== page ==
Doctor, it hurts when I do that!

One of the oldest jokes out there, right? This guy goes in to the doctor’s office, jams his finger into his eye and says “Doctor, Doctor, it hurts when I do that!” So the doc looks at him and says “stop doing that.” Seems like a simple fix, doesn’t it? The problem is that people have a tough time applying that same logic to their personally owned firearms, especially after they’ve added upgrades to those guns.

Take threaded barrels as an example. Most people add a threaded barrel to their guns for one of two reasons: to either add a suppressor or a compensator. Today we’ll take a look at the common problems associated with adding a compensator to your gun, and how to ameliorate them.

Problem 1: Failure to eject or weak ejection
This is by far the most common issue when you add a compensator to a custom build. The reason for this is science: namely gas pressure. Recoil operated firearms need X amount of pressure to unlock the gun and fully compress the recoil spring to allow for proper function. Without a comp, the pressure is distributed evenly in all directions, allowing the gun to cycle the way it was designed. With a compensator, some of the pressure is vented straight up, some out the sides (depending on the design) which can compromise function. This usually happens when you use ammo that’s very low pressure, like a lot of currently manufacturered factory 9mm.

Two simple things can work to fix this: 1) don’t use cheap ammo. While that sounds harsh, ammo that’s loaded to a price point is far more likely to cut corners on powder charges, which means lower pressure ammo, which means a lower likelihood of the gun working correctly. Use quality ammo from a reputable manufacturer that you know is loaded to SAAMI specs and you’ll probably be fine. Or use stuff that you know to be loaded a little hotter if you want to maximize the compensation effect from your build.

Secondly, you can use a lighter weight recoil spring. This is a popular fix, especially with competition shooters, as it will also help the gun cycle flatter during rapid firing. While using a lighter recoil spring can fix the problem caused by lightly loaded ammo, it can lead to Problem 2 that we look at below.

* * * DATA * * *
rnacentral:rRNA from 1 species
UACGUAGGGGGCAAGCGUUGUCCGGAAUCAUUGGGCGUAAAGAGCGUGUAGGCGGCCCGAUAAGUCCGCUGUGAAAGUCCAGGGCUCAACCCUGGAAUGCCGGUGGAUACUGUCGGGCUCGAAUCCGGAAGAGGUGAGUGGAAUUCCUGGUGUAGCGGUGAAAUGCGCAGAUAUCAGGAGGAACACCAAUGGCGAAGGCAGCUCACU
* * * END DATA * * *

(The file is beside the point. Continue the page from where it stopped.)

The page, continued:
Problem 2: Failure to feed
Here we have the second problem associated with compensators, which is a failure to feed. The reason that a comp can cause FTF stoppages is that it changes the cyclic rate of the slide, again due to it changing the gas pressure. Where this issue rears its head most frequently is with older magazines. Because the slide is moving at a different velocity, the spring in the magazine may not be able to move the round into position at the appropriate time. The simple fix for this is when your magazines start wearing out, toss them in the garbage. Life is too short to deal with junked magazines, and new replacements are cheap and readily available in our store. Seriously, if you’re still running ancient mags, go buy some new magazines. Or, If you are more frugal in nature (save the planet!)…inspect the inside and outside of the magazine bodies for damage, and then go buy some new springs and followers!

Problem 3: Nothing’s working, everything is terrible, and I hate this stupid **** gun
We’ve all been there. You get your build assembled, you’re excited to get it out to the range, and then…it just refuses to function. It’s not feeding right, it’s not extracting right, the trigger feels gross, and your front sight just flew into low earth orbit because you didn’t loctite it properly.

Here’s the simple fix for that: do your builds in iterative steps, testing as you go. If it’s your first time building a gun to your specs, test every new part. If you install a new trigger, test it before you put any additional parts in there. When you put the threaded barrel and compensator in, test it before you add any new parts. Don’t just assemble a parts list based on something you read on the internet, test everything yourself so you know it works. Especially when dealing with threaded barrels and compensators.

Hopefully you’ve found this helpful and your next range session will go more smoothly!

5 Comments

  1. Doc! My cigarette just flew into low earth orbit because I didn’t loctite it properly… Then read this article and nearly died laughing. How do I fix that?

    1. Nikolay: You didn’t loctite that cig to what, your fingers, or your lip? LOL! My suggested fix, smoke less so you have that $ available to shoot more – the lead exposure from handling live ammo (and just-fired brass) and the GSR in the ambient air at the range is probably less harmful than what smoking does to your insides anyway. Just remember to wash your hands after shooting before eating.

  2. I’m looking to order a custom LWD G22 slide, with one of the milling options (lightened) and milled for red dot (add weight) and use it with a an LWD Alphawolf compensator, 4lb striker spring and ti striker. Thoughts on how light of a recoil spring I should use (assuming I keep this as a .40S&W setup)?

    1. Me personally I woulnd’t want to go much lighter than 14 pounds with a set-up like that. I would also bet that a 14-15 pound spring would be your butter zone.

Leave a Comment

Your email address will not be published. Required fields are marked *

%d bloggers like this: